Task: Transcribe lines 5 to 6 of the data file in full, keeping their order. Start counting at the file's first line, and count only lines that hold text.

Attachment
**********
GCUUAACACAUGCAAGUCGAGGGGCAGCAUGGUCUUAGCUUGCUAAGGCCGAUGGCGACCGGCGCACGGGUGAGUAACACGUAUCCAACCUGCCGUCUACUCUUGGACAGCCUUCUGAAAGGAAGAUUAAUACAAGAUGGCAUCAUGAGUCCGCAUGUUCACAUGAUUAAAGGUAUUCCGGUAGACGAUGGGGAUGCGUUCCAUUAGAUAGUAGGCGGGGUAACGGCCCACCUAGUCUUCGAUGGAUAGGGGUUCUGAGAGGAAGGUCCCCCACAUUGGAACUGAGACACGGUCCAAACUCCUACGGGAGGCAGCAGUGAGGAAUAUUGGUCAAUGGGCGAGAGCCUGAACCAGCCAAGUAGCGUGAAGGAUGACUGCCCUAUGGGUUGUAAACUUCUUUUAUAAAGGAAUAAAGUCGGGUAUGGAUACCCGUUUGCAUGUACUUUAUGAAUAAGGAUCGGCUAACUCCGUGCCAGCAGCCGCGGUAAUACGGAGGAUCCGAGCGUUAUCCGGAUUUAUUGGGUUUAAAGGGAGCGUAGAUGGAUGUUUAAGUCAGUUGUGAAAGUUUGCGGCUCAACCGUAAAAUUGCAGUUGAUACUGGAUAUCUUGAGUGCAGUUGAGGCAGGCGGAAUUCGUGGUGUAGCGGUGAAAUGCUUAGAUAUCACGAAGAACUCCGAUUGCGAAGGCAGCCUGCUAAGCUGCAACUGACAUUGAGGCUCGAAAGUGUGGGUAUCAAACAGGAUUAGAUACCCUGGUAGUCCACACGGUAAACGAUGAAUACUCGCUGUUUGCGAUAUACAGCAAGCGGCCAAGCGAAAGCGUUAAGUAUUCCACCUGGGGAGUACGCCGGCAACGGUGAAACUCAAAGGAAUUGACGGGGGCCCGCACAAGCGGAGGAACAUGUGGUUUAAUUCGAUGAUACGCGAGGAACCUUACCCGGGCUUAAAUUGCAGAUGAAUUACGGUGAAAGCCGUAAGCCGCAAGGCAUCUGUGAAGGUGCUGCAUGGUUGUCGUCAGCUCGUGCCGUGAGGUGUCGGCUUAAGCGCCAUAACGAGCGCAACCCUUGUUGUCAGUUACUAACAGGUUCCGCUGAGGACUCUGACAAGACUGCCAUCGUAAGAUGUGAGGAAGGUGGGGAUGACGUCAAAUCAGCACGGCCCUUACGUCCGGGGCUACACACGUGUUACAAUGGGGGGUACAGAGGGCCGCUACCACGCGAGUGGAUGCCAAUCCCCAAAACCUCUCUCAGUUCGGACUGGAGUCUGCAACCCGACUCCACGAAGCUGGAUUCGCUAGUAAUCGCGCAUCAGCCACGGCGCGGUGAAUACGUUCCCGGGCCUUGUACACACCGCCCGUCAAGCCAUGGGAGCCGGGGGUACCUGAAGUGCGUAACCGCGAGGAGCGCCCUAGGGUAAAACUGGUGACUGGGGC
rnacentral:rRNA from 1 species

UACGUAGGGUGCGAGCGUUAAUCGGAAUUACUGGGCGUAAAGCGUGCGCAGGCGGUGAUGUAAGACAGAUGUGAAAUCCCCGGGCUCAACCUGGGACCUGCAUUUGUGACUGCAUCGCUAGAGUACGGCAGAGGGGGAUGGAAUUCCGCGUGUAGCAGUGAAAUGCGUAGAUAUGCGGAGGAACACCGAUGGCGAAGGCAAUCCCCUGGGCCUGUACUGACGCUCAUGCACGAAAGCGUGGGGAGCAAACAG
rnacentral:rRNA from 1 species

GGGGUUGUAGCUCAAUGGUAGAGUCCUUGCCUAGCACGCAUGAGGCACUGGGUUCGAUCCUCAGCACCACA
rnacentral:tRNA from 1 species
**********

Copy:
GGGGUUGUAGCUCAAUGGUAGAGUCCUUGCCUAGCACGCAUGAGGCACUGGGUUCGAUCCUCAGCACCACA
rnacentral:tRNA from 1 species